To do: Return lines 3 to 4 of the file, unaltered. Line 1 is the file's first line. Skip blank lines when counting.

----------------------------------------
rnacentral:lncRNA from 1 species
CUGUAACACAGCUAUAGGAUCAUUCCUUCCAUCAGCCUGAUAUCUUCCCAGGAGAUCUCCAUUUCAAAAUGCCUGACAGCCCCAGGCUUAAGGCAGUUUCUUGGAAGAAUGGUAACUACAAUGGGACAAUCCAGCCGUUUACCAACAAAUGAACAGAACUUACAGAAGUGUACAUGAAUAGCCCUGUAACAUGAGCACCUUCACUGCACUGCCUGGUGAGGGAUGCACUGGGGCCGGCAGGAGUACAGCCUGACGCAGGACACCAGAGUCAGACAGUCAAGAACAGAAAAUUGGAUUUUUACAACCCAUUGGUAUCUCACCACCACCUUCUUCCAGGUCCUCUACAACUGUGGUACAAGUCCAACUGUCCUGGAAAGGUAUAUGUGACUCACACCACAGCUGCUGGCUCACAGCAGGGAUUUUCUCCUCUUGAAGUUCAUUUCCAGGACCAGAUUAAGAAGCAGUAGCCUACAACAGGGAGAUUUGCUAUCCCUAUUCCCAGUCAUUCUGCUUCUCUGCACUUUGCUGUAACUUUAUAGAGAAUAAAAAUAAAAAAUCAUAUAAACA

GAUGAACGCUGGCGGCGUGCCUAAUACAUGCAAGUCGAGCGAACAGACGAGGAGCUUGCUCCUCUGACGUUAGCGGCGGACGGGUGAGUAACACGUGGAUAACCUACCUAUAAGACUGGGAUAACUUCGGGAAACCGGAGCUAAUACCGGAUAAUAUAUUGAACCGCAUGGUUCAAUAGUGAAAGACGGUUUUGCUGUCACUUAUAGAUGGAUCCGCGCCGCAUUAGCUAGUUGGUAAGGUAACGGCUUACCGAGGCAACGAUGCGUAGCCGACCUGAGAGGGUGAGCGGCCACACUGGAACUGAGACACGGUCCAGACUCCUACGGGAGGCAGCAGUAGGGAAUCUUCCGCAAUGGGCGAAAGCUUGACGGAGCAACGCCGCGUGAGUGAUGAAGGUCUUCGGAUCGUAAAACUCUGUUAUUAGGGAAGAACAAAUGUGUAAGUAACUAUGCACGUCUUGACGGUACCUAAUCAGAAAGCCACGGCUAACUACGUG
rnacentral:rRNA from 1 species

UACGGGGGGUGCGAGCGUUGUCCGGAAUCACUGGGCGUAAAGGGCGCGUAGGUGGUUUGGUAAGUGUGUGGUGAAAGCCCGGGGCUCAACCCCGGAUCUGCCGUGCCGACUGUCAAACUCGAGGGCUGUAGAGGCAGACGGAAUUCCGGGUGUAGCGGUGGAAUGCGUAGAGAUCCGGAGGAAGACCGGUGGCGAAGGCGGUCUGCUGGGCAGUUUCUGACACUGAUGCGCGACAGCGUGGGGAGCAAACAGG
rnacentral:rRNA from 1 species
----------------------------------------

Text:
GAUGAACGCUGGCGGCGUGCCUAAUACAUGCAAGUCGAGCGAACAGACGAGGAGCUUGCUCCUCUGACGUUAGCGGCGGACGGGUGAGUAACACGUGGAUAACCUACCUAUAAGACUGGGAUAACUUCGGGAAACCGGAGCUAAUACCGGAUAAUAUAUUGAACCGCAUGGUUCAAUAGUGAAAGACGGUUUUGCUGUCACUUAUAGAUGGAUCCGCGCCGCAUUAGCUAGUUGGUAAGGUAACGGCUUACCGAGGCAACGAUGCGUAGCCGACCUGAGAGGGUGAGCGGCCACACUGGAACUGAGACACGGUCCAGACUCCUACGGGAGGCAGCAGUAGGGAAUCUUCCGCAAUGGGCGAAAGCUUGACGGAGCAACGCCGCGUGAGUGAUGAAGGUCUUCGGAUCGUAAAACUCUGUUAUUAGGGAAGAACAAAUGUGUAAGUAACUAUGCACGUCUUGACGGUACCUAAUCAGAAAGCCACGGCUAACUACGUG
rnacentral:rRNA from 1 species